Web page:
NEA Dues Increase to Rescue Common Core
The three-dollar per year dues increase approved by delegates at the Atlanta National Education Association (NEA) convention in July of 2013 went directly to a “special fund” called “Great Public Schools.” NEA leadership allocated the extra three dollars per member to certain union affiliates for reasons and in amounts they determined. Delegates added the caveat that union leaders must inform them as to how this money was spent.
Mike Antonucci of the Education Intelligence Agency writes that “the ultimate authority to release the funds rested in the hands of two men”: NEA president Dennis Van Roekel and NEA executive director John Stocks. It turns out that of the thirteen Great Public Schools grants awarded, nine will be used to “ease the implementation of Common Core Standards.” (EIAonline.com, 1-27-14)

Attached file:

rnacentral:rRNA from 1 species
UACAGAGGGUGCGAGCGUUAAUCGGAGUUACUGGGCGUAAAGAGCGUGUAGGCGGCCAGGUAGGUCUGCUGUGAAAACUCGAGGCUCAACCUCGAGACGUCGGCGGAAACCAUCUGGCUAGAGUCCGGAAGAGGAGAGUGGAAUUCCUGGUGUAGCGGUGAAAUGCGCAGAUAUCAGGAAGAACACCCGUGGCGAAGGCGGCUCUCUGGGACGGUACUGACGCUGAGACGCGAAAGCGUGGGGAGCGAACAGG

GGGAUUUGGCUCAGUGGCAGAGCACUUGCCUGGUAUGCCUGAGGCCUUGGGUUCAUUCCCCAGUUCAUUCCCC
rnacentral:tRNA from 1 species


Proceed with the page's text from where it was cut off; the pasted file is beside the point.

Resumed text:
The union is experiencing a love/hate relationship with Common Core. On the one hand, union leadership resists breaking with the Democrat establishment to which they contribute heavily and from which they receive heartily. But many teachers are displeased with the top-down Common Core standards, which were thrust upon them without their input. The union has been forced to speak out against Common Core. There was rank-and-file animosity toward Arne Duncan and Common Core at the NEA Convention; it is doubtful that convention delegates would have passed the dues increase had they known it would eventually be used to shore up Common Core. Even the NEA president has had to admit that Common Core is “botched.” (See Education Reporter March 2014)
It is unfortunate that the NEA union teachers’ dues increase dedicated to the Great Public Schools fund actually contributed to the mediocre public school education that Common Core is offering to students.